LOL-A very big difference! I think the TUTT is gonna creep back into the picture over the Carribean-which would suggest higher shear.

And there will always be some difference between "Shear" and "Zonal" Shear-Easterly or Westerly shear is much more of a negative for development.
Member Since: Posts: Comments:
Quoting TampaSpin:


Can you believe i got a 24hr ban..my first..LOL


So many get away with murder on here and then you get banned.
Member Since: April 26, 2009 Posts: 3 Comments: 3667
Quoting TampaSpin:


Shear is currently around 30-40kts but, its forecast to drop to nearly nothing by the 5th. This could become the first possibly!


It will also be in the Caribbean, so if it did develop, it will threaten land
Member Since: June 29, 2009 Posts: 13 Comments: 5313
Quoting beell:
06Z GFS 200mb - 850mb Zonal Shear


Beell.....here was the Shear forecast i was looking at......HUM! Big difference in the forecast.......

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Quoting TampaSpin:


Shear is currently around 30-40kts but, its forecast to drop to nearly nothing by the 5th. This could become the first possibly!


Yeh, somebody mentioned it yesterday,but I wouldn't believe it,not Tampa
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welcome to my world, Tampa...

;)
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Quoting TampaSpin:


Can you believe i got a 24hr ban..my first..LOL
You, of all people, to be banned!
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Quoting TampaSpin:


Can you believe i got a 24hr ban...LOL


For what lol?
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Quoting StormW:


I'm gonna buy a life vest...got another 2.82" yesterday. That makes 7.44" in 2 days.


Us New Englanders are trying to keep up with you Florida,talk about torrential downpours coming to work this morning. And a lot more to come today.
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Quoting NEwxguy:
Hey,Tampa,good to see ya,was asking people where you disappeared to


Can you believe i got a 24hr ban..my first..LOL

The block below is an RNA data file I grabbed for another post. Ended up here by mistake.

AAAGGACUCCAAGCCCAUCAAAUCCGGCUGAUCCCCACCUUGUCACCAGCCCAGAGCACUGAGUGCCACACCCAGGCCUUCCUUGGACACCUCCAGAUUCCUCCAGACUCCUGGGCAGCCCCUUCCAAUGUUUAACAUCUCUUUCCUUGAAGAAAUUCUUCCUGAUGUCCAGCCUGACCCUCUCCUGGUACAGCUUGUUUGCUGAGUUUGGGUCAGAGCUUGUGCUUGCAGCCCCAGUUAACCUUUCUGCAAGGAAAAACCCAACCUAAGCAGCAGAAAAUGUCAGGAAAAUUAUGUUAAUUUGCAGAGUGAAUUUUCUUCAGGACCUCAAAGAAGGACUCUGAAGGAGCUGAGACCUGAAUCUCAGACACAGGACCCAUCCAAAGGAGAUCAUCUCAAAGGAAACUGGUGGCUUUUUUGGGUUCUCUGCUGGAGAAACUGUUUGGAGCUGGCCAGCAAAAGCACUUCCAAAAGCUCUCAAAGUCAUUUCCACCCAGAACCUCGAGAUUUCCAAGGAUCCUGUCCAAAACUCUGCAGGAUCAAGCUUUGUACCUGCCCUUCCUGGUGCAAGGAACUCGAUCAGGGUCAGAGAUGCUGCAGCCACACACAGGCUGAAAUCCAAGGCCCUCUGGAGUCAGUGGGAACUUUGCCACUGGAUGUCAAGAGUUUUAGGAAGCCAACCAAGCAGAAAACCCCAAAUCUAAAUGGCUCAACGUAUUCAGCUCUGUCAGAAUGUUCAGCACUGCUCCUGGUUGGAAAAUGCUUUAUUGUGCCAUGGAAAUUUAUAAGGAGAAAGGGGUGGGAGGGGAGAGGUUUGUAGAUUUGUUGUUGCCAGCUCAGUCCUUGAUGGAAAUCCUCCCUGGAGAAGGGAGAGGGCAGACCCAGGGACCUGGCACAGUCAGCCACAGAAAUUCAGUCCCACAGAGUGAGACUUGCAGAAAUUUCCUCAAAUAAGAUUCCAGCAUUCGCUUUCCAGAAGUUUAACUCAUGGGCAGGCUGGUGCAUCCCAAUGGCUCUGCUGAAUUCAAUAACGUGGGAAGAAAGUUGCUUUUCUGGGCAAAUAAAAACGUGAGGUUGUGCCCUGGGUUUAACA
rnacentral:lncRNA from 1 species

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Hey,Tampa,good to see ya,was asking people where you disappeared to
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772. beell
06Z GFS 200mb - 850mb Zonal Shear
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Quoting hahaguy:


It looks decent.


Shear is currently around 30-40kts but, its forecast to drop to nearly nothing by the 5th. This could become the first possibly!
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Quoting TampaSpin:
Very nice mid Level spin at 10N 50W that might have a good chance to develop! Not much in vorticity there yet but, just something to look at for the Islands.

Click to loop!
Link


It looks decent.
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Very nice mid Level spin at 10N 50W that might have a good chance to develop! Not much in vorticity there yet but, just something to look at for the Islands.

Click to loop!

Link

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My Local Weather:
John Wayne-Orange County, California
65 °F
Mostly Cloudy


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Quoting sporteguy03:


Was there a blog in 2004?


I think the blog started in 2005.
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765. IKE
Quoting Dar9895:

Remember in the incredible 2004 hurricane season, I remember in this site from mid-July to last day of July before Alex, some comments were:
an inactive season, an total ACE well under 150, at least one major hurricane landfall in the U.S and the Caribbean and many more...
Remember that it is perfectly impossible to have no hurricane or one in a season and never be astonished and under-estimated an hurricane season instead a weak to moderate el nino.
One major hurricane can devastated an area in the Caribbean or another place....similar to Allen and Andrew or Alicia.



I know what happened in 2004, as do 99% of the folks on here. I wish for none of that.

Seems like about 1/2 of the posts on here are copy and paste.

I bet I've read that comment about comparing this year to 2004 at least 100 times.

LOL...now I know why destinjeff posts his blog sayings all of the time...funny and so true.
Member Since: June 9, 2005 Posts: 23 Comments: 37858
Blog Update
Reflector site for those at work, which now also includes Weather456, daily updates